Get Materials
      Tool Kits
      Educational Video Clips

     

     

     

  • Recycle to Save the PlanetTip of the Day is a fun, educational tool that can be used in the classroom or at home. The tips below are ways to teach children about sustainability and green living. Teachers can explore using them on a daily, weekly or monthly basis as they fit with different lessons being taught in the classroom. Parents can use them around the home to encourage their children to be more environmentally minded when going about their daily lives.

    Tip of the Day: Batteries
    Tip of the Day: Biomimicry
    Tip of the Day: Carbon Footprint
    Tip of the Day: CFL
    Tip of the Day: Composting
    Tip of the Day: Gift Wrap
    Tip of the Day: Human Energy Powers Up
    Tip of the Day: Rain Barrel
    Tip of the Day: Recycled Content Paper  
    Tip of the Day: Vampire Eyes

     

  • Tool Kits are helpful in educating and engaging students to think about the environment and ways to care for it. Below teachers and informal educators will find links to various organizations that offer an assortment of toolkits that are available for check out or download.

    Dakota CountyEnvironmental Books

    Dakota County provides a number of resources including display kits, activity kits, learning kits and pull-up banners available for check-out to Dakota County educators for a maximum of one week. Visit the link below for more information.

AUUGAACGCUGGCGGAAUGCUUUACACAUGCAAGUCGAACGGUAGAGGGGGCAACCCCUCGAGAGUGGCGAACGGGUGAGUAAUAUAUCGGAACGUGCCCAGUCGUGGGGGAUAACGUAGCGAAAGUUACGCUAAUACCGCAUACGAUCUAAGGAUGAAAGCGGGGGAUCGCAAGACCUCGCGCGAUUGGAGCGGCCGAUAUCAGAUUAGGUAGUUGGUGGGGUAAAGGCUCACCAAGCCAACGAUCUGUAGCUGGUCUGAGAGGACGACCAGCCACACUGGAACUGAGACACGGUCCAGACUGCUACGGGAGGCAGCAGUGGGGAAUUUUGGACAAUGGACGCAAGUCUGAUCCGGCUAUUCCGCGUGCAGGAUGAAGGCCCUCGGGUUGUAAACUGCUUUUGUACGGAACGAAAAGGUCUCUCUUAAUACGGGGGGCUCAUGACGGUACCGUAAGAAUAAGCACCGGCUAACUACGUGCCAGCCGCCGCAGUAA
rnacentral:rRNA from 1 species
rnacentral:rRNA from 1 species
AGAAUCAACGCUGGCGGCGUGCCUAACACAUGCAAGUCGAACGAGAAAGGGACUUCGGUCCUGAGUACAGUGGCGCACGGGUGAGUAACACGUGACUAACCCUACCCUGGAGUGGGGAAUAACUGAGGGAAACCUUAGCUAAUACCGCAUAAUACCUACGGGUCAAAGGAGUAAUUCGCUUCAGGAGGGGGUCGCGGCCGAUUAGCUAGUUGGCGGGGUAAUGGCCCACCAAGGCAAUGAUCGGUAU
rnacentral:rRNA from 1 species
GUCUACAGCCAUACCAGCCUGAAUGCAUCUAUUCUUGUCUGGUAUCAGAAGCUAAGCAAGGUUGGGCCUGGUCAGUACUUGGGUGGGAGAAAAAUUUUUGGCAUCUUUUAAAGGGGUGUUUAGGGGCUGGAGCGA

Web link Dakota County Environmental Education Resources 

    ReThink Recycling Tool Kits

    With a focus on reduce, reuse and recycle, ReThink Recycling tool kits will help teachers educate and inspire their students. Click on the link below to see the different tool kits available for download.

    Web Link ReThink Recycling Tool Kits

    Minnesota Pollution Control Agency

    The MPCA has a collection of educational videos on a variety of environmental topics available for check out from their Learning Resource Center & Library. For a full list with descriptions, click on the PDF link below. Contact the Resource Center at 651-757-2120 for more information about check out guidelines.

    Environmental Video Guide (PDF)

Contact Us

City Education Department
13713 Frontier Court
Burnsville, MN 55337-3817
Phone: 952-895-4559

Dakota Valley Recycling

DVR is the partnership recycling department for the Cities of Apple Valley, BurnsvilleEagan and Lakeville that connects residents and businesses to recycling, composting and waste disposal information.

DVR is not a drop off facility and does not accept any materials for recycling.